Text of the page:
The Irony of Protection
Protection usually seems like a good thing.
It keeps us and our things safe—or at least mitigates the severity when problems do arise.
Bubble wrap, for example, can help protect our belongings from getting damaged when we move them. Bubble wrap works because the air inside the bubbles creates a barrier between the object and the forces of the outside world.
The Balance of Protection
Let’s pretend for a moment that our body is the belonging that we want to protect.
Pretend that you’ve got layers of bubble wrap all over your body. It’s there to protect you from injury or harm by reducing the forces of the outside world on your body.
Now, in order to adequately protect you, the bubble wrap would have to be thick enough to reduce the forces placed upon your body. But it can’t be too thick or you won’t be able to move or do much, which in itself can be harmful.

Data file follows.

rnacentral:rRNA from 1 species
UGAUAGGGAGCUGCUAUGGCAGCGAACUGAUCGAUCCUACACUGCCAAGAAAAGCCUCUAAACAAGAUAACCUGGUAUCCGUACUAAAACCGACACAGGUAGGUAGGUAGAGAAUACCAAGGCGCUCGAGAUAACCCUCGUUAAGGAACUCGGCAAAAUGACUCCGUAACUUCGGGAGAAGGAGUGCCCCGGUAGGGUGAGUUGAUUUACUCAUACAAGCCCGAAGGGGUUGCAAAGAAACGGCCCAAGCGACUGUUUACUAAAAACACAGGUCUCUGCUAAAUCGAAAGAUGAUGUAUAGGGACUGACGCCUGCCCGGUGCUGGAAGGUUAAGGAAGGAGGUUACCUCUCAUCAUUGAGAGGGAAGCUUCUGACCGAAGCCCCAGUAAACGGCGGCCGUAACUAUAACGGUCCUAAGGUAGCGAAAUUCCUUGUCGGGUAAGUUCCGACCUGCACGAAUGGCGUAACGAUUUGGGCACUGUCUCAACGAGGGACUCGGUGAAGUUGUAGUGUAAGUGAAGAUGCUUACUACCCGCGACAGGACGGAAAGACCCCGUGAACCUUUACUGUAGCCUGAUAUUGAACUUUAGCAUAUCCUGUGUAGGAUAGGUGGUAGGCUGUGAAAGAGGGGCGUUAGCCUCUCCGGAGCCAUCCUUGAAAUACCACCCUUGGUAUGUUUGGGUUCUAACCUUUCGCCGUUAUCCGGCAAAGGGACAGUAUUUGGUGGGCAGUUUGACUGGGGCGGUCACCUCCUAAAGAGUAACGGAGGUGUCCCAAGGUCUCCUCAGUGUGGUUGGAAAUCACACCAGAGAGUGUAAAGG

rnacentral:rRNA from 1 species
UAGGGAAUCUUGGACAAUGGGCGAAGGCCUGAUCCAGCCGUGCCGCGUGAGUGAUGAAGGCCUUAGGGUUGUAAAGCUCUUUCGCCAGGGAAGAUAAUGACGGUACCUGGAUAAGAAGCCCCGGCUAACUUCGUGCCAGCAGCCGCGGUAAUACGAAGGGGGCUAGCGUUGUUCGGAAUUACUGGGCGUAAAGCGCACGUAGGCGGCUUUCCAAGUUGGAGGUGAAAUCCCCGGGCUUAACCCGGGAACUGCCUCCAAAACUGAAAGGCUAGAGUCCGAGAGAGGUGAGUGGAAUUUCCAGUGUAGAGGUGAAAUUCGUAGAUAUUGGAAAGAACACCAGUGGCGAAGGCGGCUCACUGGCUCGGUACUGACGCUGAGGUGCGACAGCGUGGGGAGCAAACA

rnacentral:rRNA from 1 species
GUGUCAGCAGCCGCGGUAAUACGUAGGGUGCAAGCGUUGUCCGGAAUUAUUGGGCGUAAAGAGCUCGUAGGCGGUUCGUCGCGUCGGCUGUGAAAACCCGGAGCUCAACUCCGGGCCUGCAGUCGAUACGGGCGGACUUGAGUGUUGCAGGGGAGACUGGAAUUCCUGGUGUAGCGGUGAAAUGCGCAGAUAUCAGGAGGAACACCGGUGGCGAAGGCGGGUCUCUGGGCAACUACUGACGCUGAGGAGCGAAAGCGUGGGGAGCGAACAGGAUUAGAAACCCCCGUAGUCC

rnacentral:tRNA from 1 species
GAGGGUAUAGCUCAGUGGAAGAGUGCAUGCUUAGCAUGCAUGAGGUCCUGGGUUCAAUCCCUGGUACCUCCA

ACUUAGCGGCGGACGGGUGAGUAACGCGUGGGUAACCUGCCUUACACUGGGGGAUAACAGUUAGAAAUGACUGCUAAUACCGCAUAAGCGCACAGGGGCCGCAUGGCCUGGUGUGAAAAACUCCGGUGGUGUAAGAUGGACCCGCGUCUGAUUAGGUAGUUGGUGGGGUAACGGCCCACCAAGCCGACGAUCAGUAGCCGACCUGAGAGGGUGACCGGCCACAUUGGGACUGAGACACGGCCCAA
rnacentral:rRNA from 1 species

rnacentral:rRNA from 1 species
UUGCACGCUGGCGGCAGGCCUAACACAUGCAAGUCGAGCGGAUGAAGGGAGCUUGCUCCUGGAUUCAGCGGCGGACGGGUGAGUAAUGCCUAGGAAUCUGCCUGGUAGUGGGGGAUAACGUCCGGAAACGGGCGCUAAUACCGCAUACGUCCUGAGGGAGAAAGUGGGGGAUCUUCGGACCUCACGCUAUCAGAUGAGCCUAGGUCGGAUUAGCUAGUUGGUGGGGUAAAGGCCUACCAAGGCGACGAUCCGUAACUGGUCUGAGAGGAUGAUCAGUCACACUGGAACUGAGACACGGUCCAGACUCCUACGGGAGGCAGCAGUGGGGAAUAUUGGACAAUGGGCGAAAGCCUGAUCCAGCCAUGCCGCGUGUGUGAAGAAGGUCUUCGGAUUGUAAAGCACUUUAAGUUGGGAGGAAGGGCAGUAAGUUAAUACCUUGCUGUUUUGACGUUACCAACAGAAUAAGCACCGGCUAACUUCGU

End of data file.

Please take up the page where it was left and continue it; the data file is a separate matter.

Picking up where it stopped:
So in order for the bubble wrap to truly protect you, there has to be a balance between protection and freedom.
Pain is a Form of Protection
Pain works in a very similar way.
It’s there to protect us from harm and does so by alerting us of actual or potential harm. This is so that we can do something to prevent harm from happening (if it hasn't happened yet) or getting worse (if it's already happened).
And pain is super important in this way. Without pain, little issues could become big issues that could lead to severe mortality and even early death.
But if pain is too protective, we begin to live our lives as if we’ve got too many layers of bubble wrap around us—we can’t really move or do much because the protection is too limiting.
The Predicament of Persistent Pain
This is the predicament many of us with persistent or longstanding pain find ourselves in:
Too much protection and not enough freedom.
And too much protection can ironically become harmful when it limits our ability to move and live our lives in the ways that we want to.
Regaining Some Freedom
So how do we regain some freedom? How can we reduce the amount of protection occurring in our bodies?
One at a time we start popping bubbles:
Through gaining awareness of how the pain behaves: Pop!
Through furthering our understanding of how pain works. Pop!
& Through challenging the protection...
As we begin to pop the bubbles, we slowly regain the ability to move and live with more freedom, while still retaining protection from the layers that lie under the surface.
Good luck out there,